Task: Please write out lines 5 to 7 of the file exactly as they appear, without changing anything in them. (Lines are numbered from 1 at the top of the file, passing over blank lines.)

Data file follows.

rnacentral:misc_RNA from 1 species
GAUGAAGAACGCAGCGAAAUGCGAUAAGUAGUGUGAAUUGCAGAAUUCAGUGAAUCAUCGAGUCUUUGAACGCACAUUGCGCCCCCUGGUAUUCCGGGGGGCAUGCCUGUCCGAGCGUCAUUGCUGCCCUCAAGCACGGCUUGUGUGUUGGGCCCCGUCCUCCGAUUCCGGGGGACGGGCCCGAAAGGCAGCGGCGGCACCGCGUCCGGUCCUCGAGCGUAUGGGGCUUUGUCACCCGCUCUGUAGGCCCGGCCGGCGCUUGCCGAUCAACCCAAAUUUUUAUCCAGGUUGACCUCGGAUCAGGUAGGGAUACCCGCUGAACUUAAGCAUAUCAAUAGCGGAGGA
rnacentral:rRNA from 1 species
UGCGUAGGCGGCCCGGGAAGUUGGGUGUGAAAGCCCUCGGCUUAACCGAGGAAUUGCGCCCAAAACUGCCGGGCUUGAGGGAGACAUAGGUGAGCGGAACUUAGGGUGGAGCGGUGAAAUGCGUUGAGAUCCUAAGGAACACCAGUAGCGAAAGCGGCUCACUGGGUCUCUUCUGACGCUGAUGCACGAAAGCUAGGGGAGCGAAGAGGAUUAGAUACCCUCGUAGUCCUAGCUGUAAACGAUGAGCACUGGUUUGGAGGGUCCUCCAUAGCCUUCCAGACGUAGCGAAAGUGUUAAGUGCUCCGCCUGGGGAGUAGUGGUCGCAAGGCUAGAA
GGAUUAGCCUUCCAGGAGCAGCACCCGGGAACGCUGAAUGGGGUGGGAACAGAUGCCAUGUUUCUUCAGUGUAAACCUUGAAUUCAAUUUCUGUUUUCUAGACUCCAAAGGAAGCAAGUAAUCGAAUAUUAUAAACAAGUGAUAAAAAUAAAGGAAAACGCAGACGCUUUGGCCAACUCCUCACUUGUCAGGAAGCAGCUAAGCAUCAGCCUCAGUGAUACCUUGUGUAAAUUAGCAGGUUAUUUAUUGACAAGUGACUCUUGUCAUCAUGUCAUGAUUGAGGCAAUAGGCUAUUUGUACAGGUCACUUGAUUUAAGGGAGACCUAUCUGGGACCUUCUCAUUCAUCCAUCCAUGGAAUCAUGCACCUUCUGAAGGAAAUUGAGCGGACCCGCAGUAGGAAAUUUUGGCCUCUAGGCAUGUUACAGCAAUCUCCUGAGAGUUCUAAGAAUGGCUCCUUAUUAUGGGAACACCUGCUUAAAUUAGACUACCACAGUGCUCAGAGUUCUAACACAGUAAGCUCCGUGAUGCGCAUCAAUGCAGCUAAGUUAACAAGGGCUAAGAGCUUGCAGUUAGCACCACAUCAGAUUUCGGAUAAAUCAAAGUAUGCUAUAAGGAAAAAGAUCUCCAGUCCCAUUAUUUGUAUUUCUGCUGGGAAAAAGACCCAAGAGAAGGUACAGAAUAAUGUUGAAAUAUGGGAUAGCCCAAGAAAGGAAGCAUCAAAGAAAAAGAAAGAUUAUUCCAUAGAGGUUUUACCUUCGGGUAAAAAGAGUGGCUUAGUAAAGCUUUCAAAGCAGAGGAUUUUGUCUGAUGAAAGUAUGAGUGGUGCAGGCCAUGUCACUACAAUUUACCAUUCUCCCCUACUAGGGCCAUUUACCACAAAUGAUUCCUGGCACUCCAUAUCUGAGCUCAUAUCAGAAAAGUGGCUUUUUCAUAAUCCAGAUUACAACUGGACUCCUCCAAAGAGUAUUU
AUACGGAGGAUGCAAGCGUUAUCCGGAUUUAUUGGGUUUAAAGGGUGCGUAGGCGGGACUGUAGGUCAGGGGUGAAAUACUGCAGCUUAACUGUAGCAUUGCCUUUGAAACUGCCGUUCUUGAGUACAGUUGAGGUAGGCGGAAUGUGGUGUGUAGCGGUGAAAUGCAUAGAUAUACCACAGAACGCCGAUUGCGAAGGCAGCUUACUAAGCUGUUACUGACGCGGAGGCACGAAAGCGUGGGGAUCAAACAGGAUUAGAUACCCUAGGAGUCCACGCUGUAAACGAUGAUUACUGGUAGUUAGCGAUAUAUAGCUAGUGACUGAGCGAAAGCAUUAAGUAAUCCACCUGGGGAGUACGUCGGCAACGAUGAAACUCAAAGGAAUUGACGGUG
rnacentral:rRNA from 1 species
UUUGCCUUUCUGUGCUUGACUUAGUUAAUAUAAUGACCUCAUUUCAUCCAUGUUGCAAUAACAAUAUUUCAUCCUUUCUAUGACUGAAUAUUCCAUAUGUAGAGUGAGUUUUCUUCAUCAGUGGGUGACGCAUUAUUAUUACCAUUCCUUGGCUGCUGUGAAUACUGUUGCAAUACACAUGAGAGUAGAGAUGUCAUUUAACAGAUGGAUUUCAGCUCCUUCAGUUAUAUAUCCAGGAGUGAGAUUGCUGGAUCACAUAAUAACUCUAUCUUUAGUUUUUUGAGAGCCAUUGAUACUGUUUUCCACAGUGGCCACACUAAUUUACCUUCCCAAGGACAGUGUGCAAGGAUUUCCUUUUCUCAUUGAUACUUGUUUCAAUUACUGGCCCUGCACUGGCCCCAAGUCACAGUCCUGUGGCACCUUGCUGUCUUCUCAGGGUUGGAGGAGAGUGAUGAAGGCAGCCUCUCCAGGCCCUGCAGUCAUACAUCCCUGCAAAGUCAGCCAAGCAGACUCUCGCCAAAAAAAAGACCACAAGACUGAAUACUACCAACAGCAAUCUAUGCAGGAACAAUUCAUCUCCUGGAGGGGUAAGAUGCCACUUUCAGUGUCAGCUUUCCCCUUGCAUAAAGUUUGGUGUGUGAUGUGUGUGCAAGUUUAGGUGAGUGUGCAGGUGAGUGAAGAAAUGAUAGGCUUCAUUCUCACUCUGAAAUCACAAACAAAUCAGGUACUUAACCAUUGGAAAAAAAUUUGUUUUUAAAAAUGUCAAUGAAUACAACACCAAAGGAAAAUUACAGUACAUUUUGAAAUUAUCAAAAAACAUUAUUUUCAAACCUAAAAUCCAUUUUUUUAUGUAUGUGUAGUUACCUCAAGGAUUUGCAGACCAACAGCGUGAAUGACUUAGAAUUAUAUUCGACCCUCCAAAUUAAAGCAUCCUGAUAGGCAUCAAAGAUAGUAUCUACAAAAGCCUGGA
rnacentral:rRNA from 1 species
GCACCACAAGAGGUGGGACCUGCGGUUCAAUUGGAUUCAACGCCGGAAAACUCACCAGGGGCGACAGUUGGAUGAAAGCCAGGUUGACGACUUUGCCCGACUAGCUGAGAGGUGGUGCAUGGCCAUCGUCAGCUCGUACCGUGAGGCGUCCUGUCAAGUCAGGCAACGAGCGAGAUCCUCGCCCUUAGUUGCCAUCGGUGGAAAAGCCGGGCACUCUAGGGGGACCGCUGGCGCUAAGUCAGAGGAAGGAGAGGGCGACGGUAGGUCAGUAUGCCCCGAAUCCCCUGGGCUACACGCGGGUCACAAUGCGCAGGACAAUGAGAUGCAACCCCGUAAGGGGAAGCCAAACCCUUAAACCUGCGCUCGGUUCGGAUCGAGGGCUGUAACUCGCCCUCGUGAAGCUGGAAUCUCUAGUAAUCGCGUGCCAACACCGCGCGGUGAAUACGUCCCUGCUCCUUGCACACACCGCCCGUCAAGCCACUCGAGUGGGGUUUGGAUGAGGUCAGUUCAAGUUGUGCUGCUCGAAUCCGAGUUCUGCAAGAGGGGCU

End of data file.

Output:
GGAUUAGCCUUCCAGGAGCAGCACCCGGGAACGCUGAAUGGGGUGGGAACAGAUGCCAUGUUUCUUCAGUGUAAACCUUGAAUUCAAUUUCUGUUUUCUAGACUCCAAAGGAAGCAAGUAAUCGAAUAUUAUAAACAAGUGAUAAAAAUAAAGGAAAACGCAGACGCUUUGGCCAACUCCUCACUUGUCAGGAAGCAGCUAAGCAUCAGCCUCAGUGAUACCUUGUGUAAAUUAGCAGGUUAUUUAUUGACAAGUGACUCUUGUCAUCAUGUCAUGAUUGAGGCAAUAGGCUAUUUGUACAGGUCACUUGAUUUAAGGGAGACCUAUCUGGGACCUUCUCAUUCAUCCAUCCAUGGAAUCAUGCACCUUCUGAAGGAAAUUGAGCGGACCCGCAGUAGGAAAUUUUGGCCUCUAGGCAUGUUACAGCAAUCUCCUGAGAGUUCUAAGAAUGGCUCCUUAUUAUGGGAACACCUGCUUAAAUUAGACUACCACAGUGCUCAGAGUUCUAACACAGUAAGCUCCGUGAUGCGCAUCAAUGCAGCUAAGUUAACAAGGGCUAAGAGCUUGCAGUUAGCACCACAUCAGAUUUCGGAUAAAUCAAAGUAUGCUAUAAGGAAAAAGAUCUCCAGUCCCAUUAUUUGUAUUUCUGCUGGGAAAAAGACCCAAGAGAAGGUACAGAAUAAUGUUGAAAUAUGGGAUAGCCCAAGAAAGGAAGCAUCAAAGAAAAAGAAAGAUUAUUCCAUAGAGGUUUUACCUUCGGGUAAAAAGAGUGGCUUAGUAAAGCUUUCAAAGCAGAGGAUUUUGUCUGAUGAAAGUAUGAGUGGUGCAGGCCAUGUCACUACAAUUUACCAUUCUCCCCUACUAGGGCCAUUUACCACAAAUGAUUCCUGGCACUCCAUAUCUGAGCUCAUAUCAGAAAAGUGGCUUUUUCAUAAUCCAGAUUACAACUGGACUCCUCCAAAGAGUAUUU
AUACGGAGGAUGCAAGCGUUAUCCGGAUUUAUUGGGUUUAAAGGGUGCGUAGGCGGGACUGUAGGUCAGGGGUGAAAUACUGCAGCUUAACUGUAGCAUUGCCUUUGAAACUGCCGUUCUUGAGUACAGUUGAGGUAGGCGGAAUGUGGUGUGUAGCGGUGAAAUGCAUAGAUAUACCACAGAACGCCGAUUGCGAAGGCAGCUUACUAAGCUGUUACUGACGCGGAGGCACGAAAGCGUGGGGAUCAAACAGGAUUAGAUACCCUAGGAGUCCACGCUGUAAACGAUGAUUACUGGUAGUUAGCGAUAUAUAGCUAGUGACUGAGCGAAAGCAUUAAGUAAUCCACCUGGGGAGUACGUCGGCAACGAUGAAACUCAAAGGAAUUGACGGUG
rnacentral:rRNA from 1 species